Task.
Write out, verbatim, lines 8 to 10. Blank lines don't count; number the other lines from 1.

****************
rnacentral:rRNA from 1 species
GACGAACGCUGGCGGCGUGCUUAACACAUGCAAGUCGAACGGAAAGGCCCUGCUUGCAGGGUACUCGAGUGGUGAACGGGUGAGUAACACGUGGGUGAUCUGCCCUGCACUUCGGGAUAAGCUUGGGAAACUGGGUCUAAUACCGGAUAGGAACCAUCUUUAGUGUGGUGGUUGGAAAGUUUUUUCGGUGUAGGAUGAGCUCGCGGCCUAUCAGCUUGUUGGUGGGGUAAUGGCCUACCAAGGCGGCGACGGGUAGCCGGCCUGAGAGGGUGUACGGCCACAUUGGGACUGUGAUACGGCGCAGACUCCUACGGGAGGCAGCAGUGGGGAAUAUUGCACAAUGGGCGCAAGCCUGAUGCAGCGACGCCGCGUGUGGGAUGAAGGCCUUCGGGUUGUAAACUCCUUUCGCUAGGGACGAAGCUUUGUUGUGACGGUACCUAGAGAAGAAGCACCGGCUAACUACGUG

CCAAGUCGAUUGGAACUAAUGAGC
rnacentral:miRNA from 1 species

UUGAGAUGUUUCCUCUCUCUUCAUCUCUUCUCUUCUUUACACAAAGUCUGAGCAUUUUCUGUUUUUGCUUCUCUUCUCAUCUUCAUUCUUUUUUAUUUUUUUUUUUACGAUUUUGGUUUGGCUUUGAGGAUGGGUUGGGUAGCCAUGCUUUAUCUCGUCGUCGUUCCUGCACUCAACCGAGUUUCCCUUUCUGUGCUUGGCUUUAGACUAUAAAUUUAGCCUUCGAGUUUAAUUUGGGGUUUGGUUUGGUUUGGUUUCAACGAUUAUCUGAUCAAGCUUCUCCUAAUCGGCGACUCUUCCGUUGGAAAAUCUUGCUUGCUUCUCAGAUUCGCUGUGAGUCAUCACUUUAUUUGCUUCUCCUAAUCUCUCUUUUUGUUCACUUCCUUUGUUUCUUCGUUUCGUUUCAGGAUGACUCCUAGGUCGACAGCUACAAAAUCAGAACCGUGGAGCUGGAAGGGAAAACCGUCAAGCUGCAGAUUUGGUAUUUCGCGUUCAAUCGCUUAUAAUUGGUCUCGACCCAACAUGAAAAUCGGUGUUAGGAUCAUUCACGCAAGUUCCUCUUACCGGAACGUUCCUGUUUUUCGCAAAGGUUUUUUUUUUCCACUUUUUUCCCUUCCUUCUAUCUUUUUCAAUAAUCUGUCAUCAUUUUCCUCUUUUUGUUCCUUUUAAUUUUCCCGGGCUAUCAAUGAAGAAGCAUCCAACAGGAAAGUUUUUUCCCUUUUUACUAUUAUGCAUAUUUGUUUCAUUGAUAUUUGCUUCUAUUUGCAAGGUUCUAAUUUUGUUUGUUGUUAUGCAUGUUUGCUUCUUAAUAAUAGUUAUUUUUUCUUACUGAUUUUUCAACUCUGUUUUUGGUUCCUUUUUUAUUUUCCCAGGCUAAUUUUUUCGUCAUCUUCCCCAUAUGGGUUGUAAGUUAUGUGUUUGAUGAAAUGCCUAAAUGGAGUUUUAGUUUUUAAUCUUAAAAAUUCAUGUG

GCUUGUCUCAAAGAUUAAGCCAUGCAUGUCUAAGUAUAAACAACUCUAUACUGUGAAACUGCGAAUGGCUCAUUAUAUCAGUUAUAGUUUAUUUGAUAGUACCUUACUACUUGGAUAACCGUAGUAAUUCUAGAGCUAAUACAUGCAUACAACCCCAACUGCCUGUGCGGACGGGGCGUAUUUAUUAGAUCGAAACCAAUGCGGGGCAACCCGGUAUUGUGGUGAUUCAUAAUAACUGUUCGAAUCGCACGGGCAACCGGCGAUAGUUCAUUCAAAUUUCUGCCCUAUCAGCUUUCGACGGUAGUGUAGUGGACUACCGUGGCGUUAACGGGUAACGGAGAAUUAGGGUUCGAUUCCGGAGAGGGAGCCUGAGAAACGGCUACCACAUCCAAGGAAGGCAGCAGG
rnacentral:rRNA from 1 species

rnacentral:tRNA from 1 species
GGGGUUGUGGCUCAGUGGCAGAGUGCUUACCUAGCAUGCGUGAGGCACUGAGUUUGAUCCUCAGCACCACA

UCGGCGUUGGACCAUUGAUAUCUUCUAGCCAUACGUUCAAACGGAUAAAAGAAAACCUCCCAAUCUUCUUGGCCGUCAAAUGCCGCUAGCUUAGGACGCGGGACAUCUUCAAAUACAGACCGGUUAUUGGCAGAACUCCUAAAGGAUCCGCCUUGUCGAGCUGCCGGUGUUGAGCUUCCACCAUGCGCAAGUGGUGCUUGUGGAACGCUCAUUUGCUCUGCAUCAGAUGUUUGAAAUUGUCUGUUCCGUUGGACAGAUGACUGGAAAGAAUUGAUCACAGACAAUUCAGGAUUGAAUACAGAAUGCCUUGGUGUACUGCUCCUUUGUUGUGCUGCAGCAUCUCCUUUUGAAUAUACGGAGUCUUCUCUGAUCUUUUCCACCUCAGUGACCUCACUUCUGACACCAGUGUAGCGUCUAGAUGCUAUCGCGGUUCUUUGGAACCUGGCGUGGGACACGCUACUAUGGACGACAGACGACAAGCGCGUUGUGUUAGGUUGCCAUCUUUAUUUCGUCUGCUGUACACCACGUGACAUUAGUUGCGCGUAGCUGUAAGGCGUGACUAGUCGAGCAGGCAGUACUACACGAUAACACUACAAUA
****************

rnacentral:tRNA from 1 species
GGGGUUGUGGCUCAGUGGCAGAGUGCUUACCUAGCAUGCGUGAGGCACUGAGUUUGAUCCUCAGCACCACA

UCGGCGUUGGACCAUUGAUAUCUUCUAGCCAUACGUUCAAACGGAUAAAAGAAAACCUCCCAAUCUUCUUGGCCGUCAAAUGCCGCUAGCUUAGGACGCGGGACAUCUUCAAAUACAGACCGGUUAUUGGCAGAACUCCUAAAGGAUCCGCCUUGUCGAGCUGCCGGUGUUGAGCUUCCACCAUGCGCAAGUGGUGCUUGUGGAACGCUCAUUUGCUCUGCAUCAGAUGUUUGAAAUUGUCUGUUCCGUUGGACAGAUGACUGGAAAGAAUUGAUCACAGACAAUUCAGGAUUGAAUACAGAAUGCCUUGGUGUACUGCUCCUUUGUUGUGCUGCAGCAUCUCCUUUUGAAUAUACGGAGUCUUCUCUGAUCUUUUCCACCUCAGUGACCUCACUUCUGACACCAGUGUAGCGUCUAGAUGCUAUCGCGGUUCUUUGGAACCUGGCGUGGGACACGCUACUAUGGACGACAGACGACAAGCGCGUUGUGUUAGGUUGCCAUCUUUAUUUCGUCUGCUGUACACCACGUGACAUUAGUUGCGCGUAGCUGUAAGGCGUGACUAGUCGAGCAGGCAGUACUACACGAUAACACUACAAUA